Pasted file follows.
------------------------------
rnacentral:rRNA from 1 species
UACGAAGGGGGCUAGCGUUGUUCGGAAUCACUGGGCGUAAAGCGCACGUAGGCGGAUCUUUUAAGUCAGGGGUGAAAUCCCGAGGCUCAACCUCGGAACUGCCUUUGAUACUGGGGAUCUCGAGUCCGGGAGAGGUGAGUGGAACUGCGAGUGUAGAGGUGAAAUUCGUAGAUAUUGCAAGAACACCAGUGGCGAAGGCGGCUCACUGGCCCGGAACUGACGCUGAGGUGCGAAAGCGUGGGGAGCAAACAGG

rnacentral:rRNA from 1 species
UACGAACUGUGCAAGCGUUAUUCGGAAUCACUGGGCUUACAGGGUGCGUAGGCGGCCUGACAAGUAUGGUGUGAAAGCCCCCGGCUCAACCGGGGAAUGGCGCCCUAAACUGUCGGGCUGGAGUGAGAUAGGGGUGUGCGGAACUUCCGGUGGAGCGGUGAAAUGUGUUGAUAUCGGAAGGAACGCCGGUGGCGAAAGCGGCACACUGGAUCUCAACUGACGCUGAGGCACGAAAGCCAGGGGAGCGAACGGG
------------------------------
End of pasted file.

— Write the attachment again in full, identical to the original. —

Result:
rnacentral:rRNA from 1 species
UACGAAGGGGGCUAGCGUUGUUCGGAAUCACUGGGCGUAAAGCGCACGUAGGCGGAUCUUUUAAGUCAGGGGUGAAAUCCCGAGGCUCAACCUCGGAACUGCCUUUGAUACUGGGGAUCUCGAGUCCGGGAGAGGUGAGUGGAACUGCGAGUGUAGAGGUGAAAUUCGUAGAUAUUGCAAGAACACCAGUGGCGAAGGCGGCUCACUGGCCCGGAACUGACGCUGAGGUGCGAAAGCGUGGGGAGCAAACAGG

rnacentral:rRNA from 1 species
UACGAACUGUGCAAGCGUUAUUCGGAAUCACUGGGCUUACAGGGUGCGUAGGCGGCCUGACAAGUAUGGUGUGAAAGCCCCCGGCUCAACCGGGGAAUGGCGCCCUAAACUGUCGGGCUGGAGUGAGAUAGGGGUGUGCGGAACUUCCGGUGGAGCGGUGAAAUGUGUUGAUAUCGGAAGGAACGCCGGUGGCGAAAGCGGCACACUGGAUCUCAACUGACGCUGAGGCACGAAAGCCAGGGGAGCGAACGGG